Howze v. Orozco et al

Filing 84

FINDINGS and RECOMMENDATIONS signed by Magistrate Judge Allison Claire on 11/19/20 RECOMMENDING that plaintiffs Motion to Amend the First Amended Complaint 71 be DENIED; and the Clerk of the Court be directed to strike plaintiffs proposed Second Amended Complaint 72 from the record. Motion 71 referred to Judge John A. Mendez. Objections due within 21 days.(Plummer, M)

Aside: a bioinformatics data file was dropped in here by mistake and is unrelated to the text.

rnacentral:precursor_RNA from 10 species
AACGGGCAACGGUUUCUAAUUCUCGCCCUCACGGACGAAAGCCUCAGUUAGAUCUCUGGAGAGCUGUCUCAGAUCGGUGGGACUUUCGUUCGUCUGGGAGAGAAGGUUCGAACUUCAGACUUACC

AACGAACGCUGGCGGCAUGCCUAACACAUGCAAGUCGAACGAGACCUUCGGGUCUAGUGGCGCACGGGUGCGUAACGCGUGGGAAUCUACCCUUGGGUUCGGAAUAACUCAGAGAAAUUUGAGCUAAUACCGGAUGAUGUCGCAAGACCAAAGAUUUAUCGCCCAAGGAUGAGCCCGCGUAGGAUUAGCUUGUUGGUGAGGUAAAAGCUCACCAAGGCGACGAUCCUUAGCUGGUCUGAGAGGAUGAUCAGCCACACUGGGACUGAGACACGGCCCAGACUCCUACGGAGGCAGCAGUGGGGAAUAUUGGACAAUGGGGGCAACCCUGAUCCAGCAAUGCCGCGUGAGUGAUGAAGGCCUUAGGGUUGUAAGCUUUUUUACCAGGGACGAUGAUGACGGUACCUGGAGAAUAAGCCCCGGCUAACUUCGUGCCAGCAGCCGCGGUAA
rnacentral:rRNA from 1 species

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1 2 3 4 5 6 7 8 UNITED STATES DISTRICT COURT 9 FOR THE EASTERN DISTRICT OF CALIFORNIA 10 11 J.L. HOWZE, 12 13 14 No. 2:16-cv-1738 JAM AC P Plaintiff, v. FINDINGS AND RECOMMENDATIONS A.B. OROZCO, et al., 15 Defendants. 16 17 Plaintiff, a state prisoner proceeding pro se with a civil rights action pursuant to 42 U.S.C. 18 § 1983, has filed a motion to amend the first amended complaint. ECF No. 71. Defendants 19 oppose plaintiff’s motion. ECF Nos. 75, 76. 20 I. Background 21 Plaintiff initiated this action on July 25, 2016, ECF No. 1, and filed the operative first 22 amended complaint (FAC) on May 23, 2017. ECF No. 11. Plaintiff’s FAC alleged that 23 defendants Orozco, Grout, Neuschmid, and Sahota are liable under the Eighth Amendment for 24 deliberate indifference to plaintiff’s serious medical needs. Plaintiff further alleged violations of 25 the ADA and the Due Process Clause of the Fourteenth Amendment, and also brought a state tort 26 claim for fraud. 27 28 Plaintiff stated in his FAC that he suffers from benign prostatic hyperplasia. ECF No. 11 at 7-8. He explained that his symptoms include an “(i) inability to await restroom access; (ii) 1 1 High Frequency urination; and (iii) blood loss/vessel rupture . . . concomitant with bladder 2 distention.” Id. at 10 (alteration in original and internal quotation marks omitted). Plaintiff 3 provided two Comprehensive Accommodation Chronos, one-page documents filled out by a 4 physician detailing what accommodations, if any, are required due to a prisoner’s medical 5 conditions. Id. at 5-6, 22-23. In the first Chrono, dated June 13, 2014, the physician wrote that 6 plaintiff required a single-cell placement on a permanent basis. Id. at 22. In the second Chrono, 7 dated June 25, 2014, another physician also determined that plaintiff needed a single cell, but 8 marked the “temporary” box rather than permanent, noting that the need should be reassessed in 9 twelve months. Id. at 23. 10 Plaintiff provided further documentation detailing the Institutional Classification 11 Committee (ICC) hearing that took place on October 30, 2014, at which he claims that he was 12 denied single cell status in complete disregard of the Chronos. Id. at 4-6, 28. The report stated 13 that defendant Sahota was present during the hearing and noted plaintiff’s medical concerns, but 14 stated that a single cell was not necessary or recommended by medical staff. Id. at 28. Plaintiff 15 alleged that Sahota was pressured into disregarding the Chronos and that, immediately prior to 16 this hearing, he overheard defendant-committee members Grout, Orozco, and Neuschmid 17 coaching defendant Sahota to factor medical concerns out of the decision-making process. Id. at 18 4, 6. 19 Plaintiff alleged that as a result of his placement in a double cell, he experiences daily 20 episodes of distended bladder, vessel rupture, and agonizing pain, resulting in permanent damage 21 to his bladder. Id. at 11. He also stated that he suffered an inguinal hernia in August 2016 as a 22 result of straining-related trauma. Id. Plaintiff asked the court for injunctive relief in the form of 23 single-cell status, as well as compensatory, exemplary, and special damages. Id. at 17. 24 On September 17, 2018, the court screened plaintiff’s FAC and determined that plaintiff’s 25 deliberate indifference, conspiracy, and ADA claims against defendants Orozco, Grout, 26 Neuschmid, and Sahota could proceed, and defendants were required to respond to that part of the 27 complaint. ECF No. 14 at 10. The court determined that plaintiff’s fraud and due process claims 28 did not state claims for relief and recommended they be dismissed without leave to amend. Id. at 2 1 11. The district judge adopted the recommendations on December 11, 2018. ECF No. 23. 2 On January 30, 2019, defendants filed a motion to dismiss arguing that the court should 3 dismiss plaintiff’s ADA and Eighth Amendment claims and further arguing that plaintiff’s ADA 4 claim for injunctive relief is moot against officials at Folsom State Prison because he was 5 transferred to a different prison. ECF No. 24-1 at 3-7. On September 26, 2019, the undersigned 6 recommended that defendants’ motion be granted as to plaintiff’s claim for injunctive relief and 7 denied in all other aspects. ECF No. 36. The district judge adopted the recommendation. ECF 8 No. 45. 9 On February 24, 2020, the court issued a discovery and scheduling order. ECF No. 47. 10 Over six months later, on September 8, 2020, plaintiff filed the instant motion to amend his 11 complaint along with a proposed second amended complaint. The proposed SAC is largely 12 identical to the FAC, except it adds a claim that defendants Orozco and Grout violated plaintiff’s 13 rights under the ADA at a classification hearing on July 24, 2014 by not allowing a clinician to be 14 present. ECF No. 72 at 13-14. Defendants oppose plaintiff’s motion, arguing that because 15 discovery is nearly complete, allowing expansion of the scope of the action would prejudice 16 defendants and delay the resolution of this case. ECF No. 75 at 1. 17 II. 18 Pursuant to Rule 15, “leave to amend should be granted unless amendment would cause Standards Governing Amendment 19 prejudice to the opposing party, is sought in bad faith, is futile, or creates undue delay.” Johnson 20 v. Mammoth Recreations, Inc., 975 F.2d 604, 607 (9th Cir. 1992) (citing DCD Programs, Ltd. v. 21 Leighton, 833 F.2d 180, 185-87 (9th Cir. 1987)). “Late amendments to assert new theories are 22 not reviewed favorably when the facts and the theory have been known to the party seeking 23 amendment since the inception of the cause of action.” In re W. States Wholesale Natural Gas 24 Antitrust Litig., 715 F.3d 716, 739 (9th Cir. 2013), aff’d sub nom. Oneok, Inc. v. Learjet, Inc., 25 135 S. Ct. 1591 (2015) (citation omitted). 26 III. 27 The court finds that plaintiff had knowledge of the facts relevant to his only new theory at 28 Discussion the time he initiated this action. Plaintiff’s sole proposed addition to the complaint is the claim 3 1 that defendants are liable under the ADA because a clinician was not present at a July 24, 2014 2 classification hearing. ECF No. 72 at 13-14. Plaintiff acknowledged that the “record reflects” 3 these facts, and they have previously “been alleged.” Id. at 14. Moreover, plaintiff attached to 4 his FAC a declaration referencing the July 2014 hearing and expressing how he felt this hearing 5 was not conducted fairly. ECF No. 11 at 42. Accordingly, it cannot be disputed that plaintiff was 6 aware of the facts underlying this claim at the time he commenced the action. 7 Plaintiff cannot, now, four years after initiating the action, and after discovery is nearly 8 complete, amend his complaint to assert a cause of action from an event in 2014. See Roberts v. 9 Arizona Bd. of Regents, 661 F.2d 796, 798 (9th Cir. 1981) (affirming district court where request 10 to amend complaint was raised at the eleventh hour, after discovery was virtually complete). By 11 not previously bringing this cause of action, plaintiff has unduly delayed seeking amendment. 12 Furthermore, the court finds that amendment at this late stage would unfairly prejudice 13 defendants, by requiring them to prepare another answer and reengage in discovery about an issue 14 outside the scope of the discovery previously accomplished or contemplated. Moreover, the need 15 to conduct additional discovery would delay the progress of this 2016 case toward dispositive 16 motions. 17 18 Accordingly, the undersigned recommends plaintiff’s motion to amend the first amended complaint (ECF No. 71), be denied and the proposed amended complaint be stricken. 19 Accordingly, IT IS HEREBY RECOMMENDED that: 20 1. 21 22 23 24 Plaintiff’s Motion to Amend the First Amended Complaint (ECF No. 71) be DENIED; and 2. The Clerk of the Court be directed to strike plaintiff’s proposed Second Amended Complaint (ECF No. 72) from the record. These findings and recommendations are submitted to the United States District Judge 25 assigned to the case, pursuant to the provisions of 28 U.S.C. § 636(b)(l). Within twenty-one days 26 after being served with these findings and recommendations, any party may file written 27 objections with the court and serve a copy on all parties. Such a document should be captioned 28 “Objections to Magistrate Judge’s Findings and Recommendations.” Any response to the 4 1 objections shall be served and filed within fourteen days after service of the objections. The 2 parties are advised that failure to file objections within the specified time may waive the right to 3 appeal the District Court’s order. Martinez v. Ylst, 951 F.2d 1153 (9th Cir. 1991). 4 DATE: November 19, 2020 5 6 7 8 9 10 11 12 13 14 15 16 17 18 19 20 21 22 23 24 25 26 27 28 5